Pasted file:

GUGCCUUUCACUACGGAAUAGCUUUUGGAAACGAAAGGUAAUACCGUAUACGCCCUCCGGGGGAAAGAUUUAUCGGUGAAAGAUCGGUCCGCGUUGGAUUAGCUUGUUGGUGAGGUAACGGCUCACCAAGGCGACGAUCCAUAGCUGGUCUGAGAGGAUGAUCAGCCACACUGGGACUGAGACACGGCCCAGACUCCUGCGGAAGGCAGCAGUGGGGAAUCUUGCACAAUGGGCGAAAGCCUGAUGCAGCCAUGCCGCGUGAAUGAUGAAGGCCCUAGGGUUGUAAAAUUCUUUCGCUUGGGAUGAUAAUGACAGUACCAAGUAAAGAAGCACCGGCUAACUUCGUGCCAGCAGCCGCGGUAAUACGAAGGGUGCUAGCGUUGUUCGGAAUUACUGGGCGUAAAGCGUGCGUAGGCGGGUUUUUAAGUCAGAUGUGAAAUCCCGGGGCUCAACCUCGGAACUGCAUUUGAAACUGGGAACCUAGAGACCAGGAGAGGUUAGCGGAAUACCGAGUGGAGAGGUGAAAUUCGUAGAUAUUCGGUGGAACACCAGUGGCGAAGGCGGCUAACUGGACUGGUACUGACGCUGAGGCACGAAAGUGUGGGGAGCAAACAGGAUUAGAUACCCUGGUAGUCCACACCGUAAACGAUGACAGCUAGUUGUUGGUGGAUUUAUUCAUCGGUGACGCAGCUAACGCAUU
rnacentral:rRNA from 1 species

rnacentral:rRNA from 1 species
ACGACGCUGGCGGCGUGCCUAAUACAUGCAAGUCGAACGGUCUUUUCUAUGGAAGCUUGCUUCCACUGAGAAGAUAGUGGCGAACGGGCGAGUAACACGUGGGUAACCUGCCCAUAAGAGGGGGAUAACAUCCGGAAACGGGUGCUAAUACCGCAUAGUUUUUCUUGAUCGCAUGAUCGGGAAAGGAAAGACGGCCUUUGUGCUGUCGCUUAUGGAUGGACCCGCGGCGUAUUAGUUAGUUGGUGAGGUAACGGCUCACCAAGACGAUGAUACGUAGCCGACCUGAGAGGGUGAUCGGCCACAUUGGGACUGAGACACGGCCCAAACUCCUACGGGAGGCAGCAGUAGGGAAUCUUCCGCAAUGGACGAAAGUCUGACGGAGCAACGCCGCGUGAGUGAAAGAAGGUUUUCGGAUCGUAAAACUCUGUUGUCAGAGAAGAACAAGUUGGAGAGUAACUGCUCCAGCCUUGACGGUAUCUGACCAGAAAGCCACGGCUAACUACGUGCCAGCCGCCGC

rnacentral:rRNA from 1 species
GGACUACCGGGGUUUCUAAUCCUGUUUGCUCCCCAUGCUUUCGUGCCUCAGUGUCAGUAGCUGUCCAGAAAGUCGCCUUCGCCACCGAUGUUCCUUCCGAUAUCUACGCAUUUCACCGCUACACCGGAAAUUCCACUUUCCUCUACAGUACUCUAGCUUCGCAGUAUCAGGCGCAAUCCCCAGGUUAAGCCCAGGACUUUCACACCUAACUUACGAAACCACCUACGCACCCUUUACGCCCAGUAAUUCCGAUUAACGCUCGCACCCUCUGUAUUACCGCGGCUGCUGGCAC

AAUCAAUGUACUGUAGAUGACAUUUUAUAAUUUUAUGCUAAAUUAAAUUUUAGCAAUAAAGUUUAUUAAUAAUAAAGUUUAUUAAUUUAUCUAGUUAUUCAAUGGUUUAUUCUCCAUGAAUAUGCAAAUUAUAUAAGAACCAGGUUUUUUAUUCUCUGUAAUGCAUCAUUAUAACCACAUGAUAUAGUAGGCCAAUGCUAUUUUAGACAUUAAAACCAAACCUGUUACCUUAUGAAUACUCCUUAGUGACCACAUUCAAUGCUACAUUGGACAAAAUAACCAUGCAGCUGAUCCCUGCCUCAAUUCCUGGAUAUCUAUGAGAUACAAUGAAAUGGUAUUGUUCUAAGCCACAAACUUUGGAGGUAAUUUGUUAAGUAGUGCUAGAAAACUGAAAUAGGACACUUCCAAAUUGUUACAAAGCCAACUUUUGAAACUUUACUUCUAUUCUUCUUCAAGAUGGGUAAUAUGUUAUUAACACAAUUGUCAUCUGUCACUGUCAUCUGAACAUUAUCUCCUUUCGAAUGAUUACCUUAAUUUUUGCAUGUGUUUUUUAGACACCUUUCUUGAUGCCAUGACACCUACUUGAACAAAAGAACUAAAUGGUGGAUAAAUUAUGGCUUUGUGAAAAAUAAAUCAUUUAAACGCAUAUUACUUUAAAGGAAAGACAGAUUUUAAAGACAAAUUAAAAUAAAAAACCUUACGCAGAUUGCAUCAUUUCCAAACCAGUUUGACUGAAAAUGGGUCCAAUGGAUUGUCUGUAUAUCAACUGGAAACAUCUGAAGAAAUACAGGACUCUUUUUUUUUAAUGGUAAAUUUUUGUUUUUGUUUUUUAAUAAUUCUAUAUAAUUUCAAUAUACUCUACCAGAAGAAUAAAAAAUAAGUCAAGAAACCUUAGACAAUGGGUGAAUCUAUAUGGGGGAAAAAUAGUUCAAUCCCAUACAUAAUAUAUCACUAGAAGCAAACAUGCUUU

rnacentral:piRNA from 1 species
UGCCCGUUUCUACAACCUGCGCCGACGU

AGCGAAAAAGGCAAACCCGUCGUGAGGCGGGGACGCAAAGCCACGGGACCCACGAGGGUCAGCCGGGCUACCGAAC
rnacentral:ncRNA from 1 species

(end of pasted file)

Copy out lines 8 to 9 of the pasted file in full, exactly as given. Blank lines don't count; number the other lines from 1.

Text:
rnacentral:piRNA from 1 species
UGCCCGUUUCUACAACCUGCGCCGACGU